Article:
The public health and human rights impact on women

Edwin J. Bernard
Published: 18 July 2010

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The push for many of the new HIV-specific laws on the African continent (which often contain both protective and punitive elements) has either come from women or from those who believe that these laws can protect women and girls from being infected with HIV by unfaithful partners and/or sexual violence.1,2 Representatives of some women’s rights groups have pointed out that women are poorly served when the criminal law and the criminal justice system fail to address the effects of the ‘other epidemic’3 of gender-based violence, particularly within long-term intimate relationships. However, it has been suggested that HIV-specific criminal laws may, in fact, threaten the health and human rights of women and girls.4,5,6,7,8,9

One reason for this is that such laws can place women in a difficult situation once they learn of their HIV status. The scale-up of antenatal HIV testing in many settings is a worldwide effort to reduce mother-to-child transmission of HIV. A consequence of this important public health strategy is that women are often more likely to learn their HIV status before male partners have learned theirs.10,7 Women who perceive that they could be blamed for ‘bringing HIV home’ may feel unable to disclose their HIV status to their male partners due to a very real fear of physical harm, eviction and/or other serious negative consequences. (As detailed in the chapter: Proof, there is growing understanding of sexual practises inside and outside marriage, including evidence that men are engaging in HIV sexual risk taking outside their primary relationship without disclosing this to their partners.11) In addition, power imbalances within relationships may prevent women from exercising the choice to practise safer sex, in particular since condoms are a male-controlled HIV-prevention method. Men may also be more likely to seek recourse via state-justice systems and/or patriarchal customary laws, which are recognised to some degree in most African legal systems.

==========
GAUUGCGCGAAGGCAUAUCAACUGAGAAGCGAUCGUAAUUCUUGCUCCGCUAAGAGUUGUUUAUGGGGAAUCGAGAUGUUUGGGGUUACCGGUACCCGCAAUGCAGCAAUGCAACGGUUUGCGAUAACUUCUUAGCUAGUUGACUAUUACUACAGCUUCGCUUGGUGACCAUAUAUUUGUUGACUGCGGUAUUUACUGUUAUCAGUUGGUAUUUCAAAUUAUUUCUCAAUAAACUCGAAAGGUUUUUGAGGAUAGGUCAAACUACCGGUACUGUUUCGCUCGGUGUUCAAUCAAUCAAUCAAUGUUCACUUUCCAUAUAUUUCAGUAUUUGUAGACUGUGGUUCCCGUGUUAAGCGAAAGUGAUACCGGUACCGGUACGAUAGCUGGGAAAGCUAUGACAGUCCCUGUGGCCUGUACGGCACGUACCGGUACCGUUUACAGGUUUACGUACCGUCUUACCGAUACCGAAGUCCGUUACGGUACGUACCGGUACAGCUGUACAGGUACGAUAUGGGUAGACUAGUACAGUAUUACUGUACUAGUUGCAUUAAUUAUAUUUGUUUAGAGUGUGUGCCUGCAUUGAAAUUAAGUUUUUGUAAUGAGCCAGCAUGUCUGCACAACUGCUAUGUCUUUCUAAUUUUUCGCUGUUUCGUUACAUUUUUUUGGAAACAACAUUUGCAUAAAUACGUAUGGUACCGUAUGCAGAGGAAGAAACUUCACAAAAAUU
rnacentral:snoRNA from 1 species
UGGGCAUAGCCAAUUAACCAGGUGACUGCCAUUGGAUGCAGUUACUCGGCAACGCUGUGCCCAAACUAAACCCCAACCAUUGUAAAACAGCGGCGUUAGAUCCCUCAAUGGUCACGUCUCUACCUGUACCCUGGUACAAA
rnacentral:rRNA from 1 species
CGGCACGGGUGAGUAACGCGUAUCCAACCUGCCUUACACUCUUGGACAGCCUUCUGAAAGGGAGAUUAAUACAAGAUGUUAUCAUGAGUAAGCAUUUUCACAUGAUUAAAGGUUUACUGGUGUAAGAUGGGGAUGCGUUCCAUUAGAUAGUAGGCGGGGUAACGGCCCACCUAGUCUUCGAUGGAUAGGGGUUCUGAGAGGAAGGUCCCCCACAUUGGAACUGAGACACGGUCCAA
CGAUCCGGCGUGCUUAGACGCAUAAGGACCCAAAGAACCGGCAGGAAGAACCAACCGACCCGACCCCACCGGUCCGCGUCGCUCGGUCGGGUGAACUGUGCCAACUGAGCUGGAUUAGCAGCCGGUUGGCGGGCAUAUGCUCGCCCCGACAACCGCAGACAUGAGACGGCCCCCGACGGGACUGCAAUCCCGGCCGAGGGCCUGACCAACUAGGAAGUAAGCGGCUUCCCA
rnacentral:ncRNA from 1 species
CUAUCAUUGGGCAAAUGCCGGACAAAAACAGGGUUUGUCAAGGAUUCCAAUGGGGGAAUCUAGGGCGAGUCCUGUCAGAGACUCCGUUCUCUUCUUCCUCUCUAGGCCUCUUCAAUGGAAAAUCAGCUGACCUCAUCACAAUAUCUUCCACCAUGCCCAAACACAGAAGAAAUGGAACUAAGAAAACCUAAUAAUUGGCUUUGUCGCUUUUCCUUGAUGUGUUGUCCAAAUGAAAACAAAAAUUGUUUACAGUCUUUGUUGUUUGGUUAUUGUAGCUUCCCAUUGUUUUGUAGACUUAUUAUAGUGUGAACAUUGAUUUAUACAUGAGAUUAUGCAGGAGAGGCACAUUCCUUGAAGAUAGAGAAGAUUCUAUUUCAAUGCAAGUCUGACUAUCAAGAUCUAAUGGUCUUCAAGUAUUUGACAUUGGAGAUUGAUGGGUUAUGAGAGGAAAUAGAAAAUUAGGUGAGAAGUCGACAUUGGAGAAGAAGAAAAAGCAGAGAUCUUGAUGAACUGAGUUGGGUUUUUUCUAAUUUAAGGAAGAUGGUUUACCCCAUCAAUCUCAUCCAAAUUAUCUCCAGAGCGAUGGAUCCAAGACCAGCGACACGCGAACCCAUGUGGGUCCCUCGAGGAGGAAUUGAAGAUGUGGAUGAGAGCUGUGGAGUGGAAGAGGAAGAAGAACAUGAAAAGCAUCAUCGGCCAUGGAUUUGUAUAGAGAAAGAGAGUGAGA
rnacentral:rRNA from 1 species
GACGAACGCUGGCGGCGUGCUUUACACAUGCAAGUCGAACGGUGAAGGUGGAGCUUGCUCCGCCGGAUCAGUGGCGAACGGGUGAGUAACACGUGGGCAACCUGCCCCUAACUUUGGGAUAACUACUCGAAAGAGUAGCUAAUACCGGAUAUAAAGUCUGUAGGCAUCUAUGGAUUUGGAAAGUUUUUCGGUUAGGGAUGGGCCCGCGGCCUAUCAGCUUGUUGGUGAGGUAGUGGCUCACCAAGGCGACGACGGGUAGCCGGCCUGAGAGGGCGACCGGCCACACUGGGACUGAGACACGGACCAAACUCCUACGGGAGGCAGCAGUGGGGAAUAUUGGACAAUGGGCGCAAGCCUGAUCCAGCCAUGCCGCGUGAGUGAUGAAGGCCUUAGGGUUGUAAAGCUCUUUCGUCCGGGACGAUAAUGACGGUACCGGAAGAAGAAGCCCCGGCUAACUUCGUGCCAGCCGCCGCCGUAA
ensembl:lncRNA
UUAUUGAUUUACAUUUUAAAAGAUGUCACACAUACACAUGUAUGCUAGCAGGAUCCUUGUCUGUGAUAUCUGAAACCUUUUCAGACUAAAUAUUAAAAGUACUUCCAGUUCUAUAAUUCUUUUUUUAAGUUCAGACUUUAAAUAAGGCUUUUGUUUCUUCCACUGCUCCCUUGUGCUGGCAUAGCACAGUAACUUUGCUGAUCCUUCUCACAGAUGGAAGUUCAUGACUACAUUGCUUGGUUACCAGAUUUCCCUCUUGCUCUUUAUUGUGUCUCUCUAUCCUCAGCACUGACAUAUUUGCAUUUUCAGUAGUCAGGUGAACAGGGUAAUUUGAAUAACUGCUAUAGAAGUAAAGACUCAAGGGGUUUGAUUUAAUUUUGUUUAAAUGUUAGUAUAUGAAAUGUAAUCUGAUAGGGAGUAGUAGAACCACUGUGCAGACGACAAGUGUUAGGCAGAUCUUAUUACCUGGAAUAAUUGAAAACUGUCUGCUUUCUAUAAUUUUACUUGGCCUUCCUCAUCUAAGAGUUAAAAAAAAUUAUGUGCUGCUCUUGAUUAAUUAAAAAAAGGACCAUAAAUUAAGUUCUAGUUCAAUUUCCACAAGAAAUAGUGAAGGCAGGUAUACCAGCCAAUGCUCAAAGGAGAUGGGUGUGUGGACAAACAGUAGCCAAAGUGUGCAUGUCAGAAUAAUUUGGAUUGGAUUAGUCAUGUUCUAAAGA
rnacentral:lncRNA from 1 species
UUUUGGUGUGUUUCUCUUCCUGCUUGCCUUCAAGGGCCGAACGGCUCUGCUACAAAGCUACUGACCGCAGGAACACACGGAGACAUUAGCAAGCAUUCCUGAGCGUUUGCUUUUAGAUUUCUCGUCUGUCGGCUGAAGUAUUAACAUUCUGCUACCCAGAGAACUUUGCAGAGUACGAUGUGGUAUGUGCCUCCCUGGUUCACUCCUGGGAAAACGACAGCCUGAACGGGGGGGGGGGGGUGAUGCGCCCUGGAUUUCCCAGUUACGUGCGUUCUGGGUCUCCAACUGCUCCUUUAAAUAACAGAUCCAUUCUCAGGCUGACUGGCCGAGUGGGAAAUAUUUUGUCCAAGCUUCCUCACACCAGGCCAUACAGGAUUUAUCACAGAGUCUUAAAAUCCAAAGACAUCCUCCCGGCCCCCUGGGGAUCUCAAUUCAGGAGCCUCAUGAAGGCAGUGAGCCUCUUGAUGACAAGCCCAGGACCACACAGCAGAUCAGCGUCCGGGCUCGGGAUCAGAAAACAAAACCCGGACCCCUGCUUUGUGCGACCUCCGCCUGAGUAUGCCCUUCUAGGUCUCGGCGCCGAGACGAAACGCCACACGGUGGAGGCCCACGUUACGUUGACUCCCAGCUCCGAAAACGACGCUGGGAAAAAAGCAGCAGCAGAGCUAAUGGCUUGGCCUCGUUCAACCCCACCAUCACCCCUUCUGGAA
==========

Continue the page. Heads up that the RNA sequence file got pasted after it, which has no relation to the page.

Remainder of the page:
A 2004 review of 17 studies from Asia and Africa concluded that, in many locations, a large percentage of women feared violence, abandonment and accusations of infidelity if they told their family members or sexual partners that they were HIV-positive.12 Consequently, current WHO HIV-testing and counselling guidelines recognise pregnant women as a group vulnerable to adverse consequences of disclosure of HIV-positive status.13

Although rare, HIV-positive pregnant women in the United States and Canada have been prosecuted for mother-to-child transmission under general criminal or public health law (see Criminal HIV Transmission. www.criminalhivtransmission.blogspot.com, 28 October 2008). Several African jurisdictions have enacted HIV-specific laws that are worded in ways that make them applicable to pregnant women who know, or think, that they have HIV. The potential for prosecuting mother-to-child transmission is made explicit in Sierra Leone's HIV-specific law (although the proposed National AIDS Commission Act 201014 would remove this provision) and is implicit in several other African countries' HIV-specific laws.1 Commentators suggest that it would be inappropriate for any government to expend public resources to prosecute mother-to-child transmission until such a government does everything possible to enable women to avoid unwanted pregnancies and to ensure ready access to effective prevention of mother-to-child transmission programmes.15

UNAIDS16 argues that criminalising mother-to-child transmission is always inappropriate because:

  • Everyone has the right to have a family, including women living with HIV.

  • When pregnant women are counselled about the benefits of antiretroviral therapy, almost all agree to being tested and receive treatment.